As hundreds looked on at the annual Commonwealth’s Memorial Day Ceremony on Monday, Ruth Eileen Osmolski walked the length of the Virginia War Memorial’s Shrine of Memory and laid a wreath within the stone and glass walls etched with the names of Virginians killed in wartime.

Osmolski was representing American Gold Star Mothers, an organization no one aspires to join. It is an organization of moms who have lost sons and daughters in service of the U.S. armed forces. Osmolski’s son, Army Sgt. John Carl Osmolski, was killed in Iraq in 2008 when a bomb exploded as he was searching a house in a city about 50 miles northeast of Baghdad. He was 23 years old.

“It touches my heart because it shows me America is not going to forget my son’s sacrifice,” Osmolski said after the ceremony as bagpipers played “Amazing Grace.”

“It also is important to the future of our country because of all the children and all the families here learning about freedom and what it takes to maintain it,” she said.

Osmolski, who lives in Powhatan County, wore her son’s picture on a necklace and another on a bracelet. She said he had a deep faith and a profound sense of patriotism.

“He was another kid who played with G.I. Joes and always wanted to serve in the military,” she said with a laugh. “He was full of life and joy. Today when I’m here, all those memories are going through my head.”

Memorial Day ceremonies were held in various locations around the region Monday.

At the Virginia War Memorial, flags waved at half-staff in a much-appreciated breeze on a warm, sunny morning. Old soldiers and new gathered with grateful civilians, filling the memorial’s amphitheater and the grassy hill and walkways above.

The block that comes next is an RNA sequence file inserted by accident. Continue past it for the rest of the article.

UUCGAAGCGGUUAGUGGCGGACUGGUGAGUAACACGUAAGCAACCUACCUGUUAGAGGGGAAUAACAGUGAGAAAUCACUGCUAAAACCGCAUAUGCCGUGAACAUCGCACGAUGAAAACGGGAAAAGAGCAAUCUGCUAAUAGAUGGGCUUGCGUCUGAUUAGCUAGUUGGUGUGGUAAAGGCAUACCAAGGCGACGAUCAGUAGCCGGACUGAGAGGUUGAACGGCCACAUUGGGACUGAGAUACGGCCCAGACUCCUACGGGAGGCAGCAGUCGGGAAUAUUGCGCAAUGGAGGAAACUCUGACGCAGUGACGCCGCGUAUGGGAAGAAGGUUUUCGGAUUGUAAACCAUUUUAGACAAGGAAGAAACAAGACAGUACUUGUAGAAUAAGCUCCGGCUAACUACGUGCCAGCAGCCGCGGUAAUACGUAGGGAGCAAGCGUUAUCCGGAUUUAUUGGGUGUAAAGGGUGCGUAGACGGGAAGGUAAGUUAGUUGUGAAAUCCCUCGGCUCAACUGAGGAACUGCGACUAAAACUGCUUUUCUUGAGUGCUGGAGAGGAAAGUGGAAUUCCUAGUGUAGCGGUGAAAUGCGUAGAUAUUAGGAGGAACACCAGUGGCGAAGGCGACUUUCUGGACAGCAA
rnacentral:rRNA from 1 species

Memorial Day traditionally signals the arrival of summer, but more importantly, said War Memorial director Clay Mountcastle, it represents a time to honor those who made “the ultimate sacrifice.”

“To say that we’re lucky to have had them is an understatement,” he told the crowd. “We are blessed to have had the men and women whose names are listed in the Shrine of Memory.

“They each have a story. ... They each have families that carry the pain of their loss through the years. Our job is not simply to know their names but to learn their stories and keep their memories alive. We honor them by educating ourselves and our children of our history — of their history — and what that history has meant to all of us.”

In his keynote address, Gov. Ralph Northam noted that “freedom is never free, and on Memorial Day we are reminded of the human cost to protect our freedoms.

“It is important that we remember that every name on that wall was a person with hopes and dreams and plans for their lives. They gave all of that up. They had pride in their country ... and they had a deep sense of duty, integrity and loyalty to their fellow soldiers.”

Before the laying of wreaths, a rifle salute and the bugle call of taps, Mountcastle noted the addition of three names to the Shrine of Honor since Memorial Day last year:

  • Pvt. Raymond Marty of Louisa County died in Korea on Oct. 21, 1951.
  • Capt. Andrew Patrick Ross of Lexington died in Afghanistan on Nov. 27, 2018.
  • Staff Sgt. Joshua Zachary Beale of Carrollton died in Afghanistan on Jan. 22, 2019.

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